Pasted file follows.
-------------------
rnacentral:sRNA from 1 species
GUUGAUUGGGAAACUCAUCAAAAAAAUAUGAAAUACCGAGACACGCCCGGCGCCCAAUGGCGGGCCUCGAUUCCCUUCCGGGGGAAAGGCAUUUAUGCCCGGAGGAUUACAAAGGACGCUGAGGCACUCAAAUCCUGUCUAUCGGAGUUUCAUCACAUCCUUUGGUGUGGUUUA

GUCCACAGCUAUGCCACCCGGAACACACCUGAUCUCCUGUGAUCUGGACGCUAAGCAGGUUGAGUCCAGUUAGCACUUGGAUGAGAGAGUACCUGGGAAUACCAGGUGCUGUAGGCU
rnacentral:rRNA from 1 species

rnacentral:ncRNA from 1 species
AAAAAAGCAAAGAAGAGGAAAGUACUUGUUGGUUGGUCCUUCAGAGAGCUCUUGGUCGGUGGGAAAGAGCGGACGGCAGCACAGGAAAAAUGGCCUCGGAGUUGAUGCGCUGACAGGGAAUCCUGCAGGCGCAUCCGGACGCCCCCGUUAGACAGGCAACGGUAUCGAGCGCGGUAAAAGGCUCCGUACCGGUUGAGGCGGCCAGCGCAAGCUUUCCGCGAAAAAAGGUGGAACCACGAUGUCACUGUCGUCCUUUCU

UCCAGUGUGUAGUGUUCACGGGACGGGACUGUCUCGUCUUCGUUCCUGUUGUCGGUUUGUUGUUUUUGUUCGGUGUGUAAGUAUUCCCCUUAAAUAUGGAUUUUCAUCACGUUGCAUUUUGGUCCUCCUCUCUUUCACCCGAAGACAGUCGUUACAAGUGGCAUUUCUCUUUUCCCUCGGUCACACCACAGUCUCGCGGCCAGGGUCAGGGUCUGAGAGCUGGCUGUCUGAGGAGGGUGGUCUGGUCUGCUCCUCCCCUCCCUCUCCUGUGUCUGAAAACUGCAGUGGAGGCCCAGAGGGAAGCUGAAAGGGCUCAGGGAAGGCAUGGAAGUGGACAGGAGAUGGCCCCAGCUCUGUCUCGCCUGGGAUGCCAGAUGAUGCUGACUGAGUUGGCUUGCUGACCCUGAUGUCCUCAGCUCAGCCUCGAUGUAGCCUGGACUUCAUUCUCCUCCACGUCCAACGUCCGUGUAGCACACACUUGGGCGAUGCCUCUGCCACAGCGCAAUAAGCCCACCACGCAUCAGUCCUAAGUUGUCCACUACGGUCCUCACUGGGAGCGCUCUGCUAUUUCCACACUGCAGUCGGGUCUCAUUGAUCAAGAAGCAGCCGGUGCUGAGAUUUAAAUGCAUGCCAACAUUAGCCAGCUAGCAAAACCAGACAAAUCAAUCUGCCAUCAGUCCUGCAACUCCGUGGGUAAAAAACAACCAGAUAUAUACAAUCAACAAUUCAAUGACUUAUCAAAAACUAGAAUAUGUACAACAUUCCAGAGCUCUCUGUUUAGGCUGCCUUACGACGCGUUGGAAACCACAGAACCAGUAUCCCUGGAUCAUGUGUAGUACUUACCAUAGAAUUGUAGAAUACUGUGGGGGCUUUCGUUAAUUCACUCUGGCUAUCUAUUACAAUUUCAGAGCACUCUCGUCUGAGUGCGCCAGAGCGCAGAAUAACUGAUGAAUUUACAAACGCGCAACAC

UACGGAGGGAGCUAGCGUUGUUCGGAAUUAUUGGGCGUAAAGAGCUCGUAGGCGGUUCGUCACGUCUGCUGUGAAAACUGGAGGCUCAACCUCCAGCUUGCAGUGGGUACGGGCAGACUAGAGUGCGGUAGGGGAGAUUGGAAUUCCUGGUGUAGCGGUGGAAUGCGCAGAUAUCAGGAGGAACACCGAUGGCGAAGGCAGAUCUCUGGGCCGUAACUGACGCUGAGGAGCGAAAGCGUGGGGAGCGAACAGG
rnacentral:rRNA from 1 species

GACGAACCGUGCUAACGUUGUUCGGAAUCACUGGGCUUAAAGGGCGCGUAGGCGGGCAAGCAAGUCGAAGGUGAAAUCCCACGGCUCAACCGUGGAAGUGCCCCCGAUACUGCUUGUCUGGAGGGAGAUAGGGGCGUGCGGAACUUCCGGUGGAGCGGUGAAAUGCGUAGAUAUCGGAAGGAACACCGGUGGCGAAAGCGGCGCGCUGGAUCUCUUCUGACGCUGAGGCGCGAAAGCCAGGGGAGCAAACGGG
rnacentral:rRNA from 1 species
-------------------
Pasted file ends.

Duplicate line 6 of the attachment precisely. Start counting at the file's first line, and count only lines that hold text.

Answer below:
AAAAAAGCAAAGAAGAGGAAAGUACUUGUUGGUUGGUCCUUCAGAGAGCUCUUGGUCGGUGGGAAAGAGCGGACGGCAGCACAGGAAAAAUGGCCUCGGAGUUGAUGCGCUGACAGGGAAUCCUGCAGGCGCAUCCGGACGCCCCCGUUAGACAGGCAACGGUAUCGAGCGCGGUAAAAGGCUCCGUACCGGUUGAGGCGGCCAGCGCAAGCUUUCCGCGAAAAAAGGUGGAACCACGAUGUCACUGUCGUCCUUUCU